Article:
Tag Archives: basketball

A Warrior’s Path

The Golden State Warriors completed one of the most successful seasons in NBA history, culminating with a Finals victory in six games. No player on the Warriors had any previous Finals experience, but that was hardly apparent based on how well they all competed. They overcame slow starts in the first quarter of multiple games. They made lineup adjustments, putting MVP Andre Iguodala in the starting lineup to rejuvenate an offensive slump and dial up the defense on LeBron James. They withstood occasional stretches of poor shooting and found ways to win close games. They dealt with outside distractions: hearing how Klay Thompson was not shooting well, or how they would not be able to stop LeBron, or how Matthew Dellavedova’s defense was changing the outlook on the series. (Admittedly, he played very well during the Finals, but the idea that he would completely shut down Curry for an entire series was a ridiculous notion from the start). The Warriors did not play like they were just happy to be in the Finals. They played with energy and determination, embodying the “Strength in Numbers” mantra that adorned their apparel. Now they are the NBA champions, and with most of their core roster intact, will likely contend for a few more.

Most importantly, the Warriors were led this season by a point guard who, although rarely espouses his personal accomplishments, finally saw his own basketball journey come to fruition this season. Stephen Curry burst onto the international scene over the past two seasons, building a well-deserved reputation as one of the best young stars in the NBA. He has also been a hit on social media, although his daughter Riley is likely equally responsible for that. By now everyone has heard his long story: the son of Dell Curry who would tag along to the Charlotte Bobcats arena and shoot a few jumpers with his father; the late bloomer who had to retool his entire shooting stroke when he became strong enough to hoist the ball from above his shoulders; the high school star who was passed over by nearly every major college program and found his way to Davidson, where he would lead them to the Elite 8 during his sophomore year in one of the most memorable runs in NCAA tournament history. Despite this, many scouts and fans still doubted whether Curry would be able to make it in the NBA, especially when compared to other supposedly-superior point guards in his draft class. He was drafted after Jonny Flynn and Hasheem Thabeet. The Timberwolves alone took Flynn and another point guard, Ricky Rubio, while Curry was still on the board. That year he finished behind Tyreke Evans in the Rookie of the Year voting. Then, injuries and ankle surgery hindered his early professional career, leading to widespread concern that lingering ankle problems would prevent him from reaching his potential. In his fourth season he began to emerge as one of the league’s premier shooters, but was overlooked during selections for the All-Star Game.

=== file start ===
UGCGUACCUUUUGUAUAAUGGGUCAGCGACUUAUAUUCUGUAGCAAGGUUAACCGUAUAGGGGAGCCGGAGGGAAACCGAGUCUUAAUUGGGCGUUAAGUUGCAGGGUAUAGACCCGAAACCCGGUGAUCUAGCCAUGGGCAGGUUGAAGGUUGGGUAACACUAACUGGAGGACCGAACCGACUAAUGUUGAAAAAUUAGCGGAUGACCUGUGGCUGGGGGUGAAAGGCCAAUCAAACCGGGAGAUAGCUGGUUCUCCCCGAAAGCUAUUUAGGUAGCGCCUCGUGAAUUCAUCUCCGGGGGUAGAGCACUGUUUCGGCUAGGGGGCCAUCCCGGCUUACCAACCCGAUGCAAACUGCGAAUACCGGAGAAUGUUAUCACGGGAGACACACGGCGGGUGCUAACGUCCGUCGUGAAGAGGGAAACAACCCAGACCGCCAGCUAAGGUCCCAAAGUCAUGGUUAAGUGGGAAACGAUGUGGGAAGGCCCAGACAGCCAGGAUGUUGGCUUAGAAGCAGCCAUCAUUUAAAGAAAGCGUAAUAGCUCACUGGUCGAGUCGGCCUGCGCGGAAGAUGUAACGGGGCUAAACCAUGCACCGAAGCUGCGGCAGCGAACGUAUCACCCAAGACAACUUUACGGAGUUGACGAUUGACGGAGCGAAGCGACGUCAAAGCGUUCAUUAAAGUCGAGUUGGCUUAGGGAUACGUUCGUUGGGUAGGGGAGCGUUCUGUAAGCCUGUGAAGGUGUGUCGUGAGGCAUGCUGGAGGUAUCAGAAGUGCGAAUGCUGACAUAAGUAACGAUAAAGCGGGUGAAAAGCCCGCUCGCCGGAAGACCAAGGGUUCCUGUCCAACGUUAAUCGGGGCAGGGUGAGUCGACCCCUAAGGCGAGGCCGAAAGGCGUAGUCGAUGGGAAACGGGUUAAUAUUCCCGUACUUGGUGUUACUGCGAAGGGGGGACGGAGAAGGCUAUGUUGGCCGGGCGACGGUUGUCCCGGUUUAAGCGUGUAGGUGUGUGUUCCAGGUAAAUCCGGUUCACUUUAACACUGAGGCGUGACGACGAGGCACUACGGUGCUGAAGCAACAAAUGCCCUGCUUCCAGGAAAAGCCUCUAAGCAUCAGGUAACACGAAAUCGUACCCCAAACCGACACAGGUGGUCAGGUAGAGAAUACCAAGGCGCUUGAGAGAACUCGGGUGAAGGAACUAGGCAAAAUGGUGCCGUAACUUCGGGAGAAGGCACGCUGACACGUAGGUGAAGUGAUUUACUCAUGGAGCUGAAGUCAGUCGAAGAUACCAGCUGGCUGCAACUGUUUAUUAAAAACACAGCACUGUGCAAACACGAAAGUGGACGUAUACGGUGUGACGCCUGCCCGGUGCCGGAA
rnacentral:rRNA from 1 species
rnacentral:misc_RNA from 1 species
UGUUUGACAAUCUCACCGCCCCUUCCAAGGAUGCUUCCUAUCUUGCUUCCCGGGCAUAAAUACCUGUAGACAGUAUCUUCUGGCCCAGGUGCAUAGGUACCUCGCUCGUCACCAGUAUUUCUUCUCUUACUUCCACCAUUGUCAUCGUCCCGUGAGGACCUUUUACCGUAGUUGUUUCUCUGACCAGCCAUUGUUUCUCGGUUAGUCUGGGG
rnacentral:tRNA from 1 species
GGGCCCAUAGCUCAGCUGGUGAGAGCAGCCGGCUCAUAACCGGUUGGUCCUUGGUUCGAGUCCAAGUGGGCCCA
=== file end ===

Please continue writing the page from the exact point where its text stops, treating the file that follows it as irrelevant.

Look up Curry’s story and you will hear everything about his improbable journey, but there is something else nearly as distinctive: his shot. Most shooters release the basketball at the highest point of their jump, but Curry’s shot looks different. As depicted by “Sport Science” on ESPN, Curry releases his jump-shot earlier, while still ascending in the air. This quicker release can create accurate shots amid tight defense, which has set him apart from other NBA stars. Fans are captivated by his pinpoint accuracy from the left corner and his ability to make shots on a fast break. Any game could be one in which he makes ten from behind the arc or hits from half-court (or really anywhere). He frequently attempts shots that would be dismissed for their degree of difficulty, yet he gives every shot a decent chance at going in, and many of them do. In the NBA, we have grown to expect the plethora of playmakers, big dunkers, and defensive stalwarts, all without argument. Yet it is the skill of shooting that appeals to the nostalgia and purity of the game. A brilliant shooting display can ignite a crowd in the mere second the ball swishes through the net. It gives us buzzer-beaters and memorable moments. Many are willing to work to improve every year, but not everyone can become a master of the craft. Every generation there are one or two players who demand our attention, who simply make us want to watch (and replay) every shot. And right now we are watching one of the best of all time.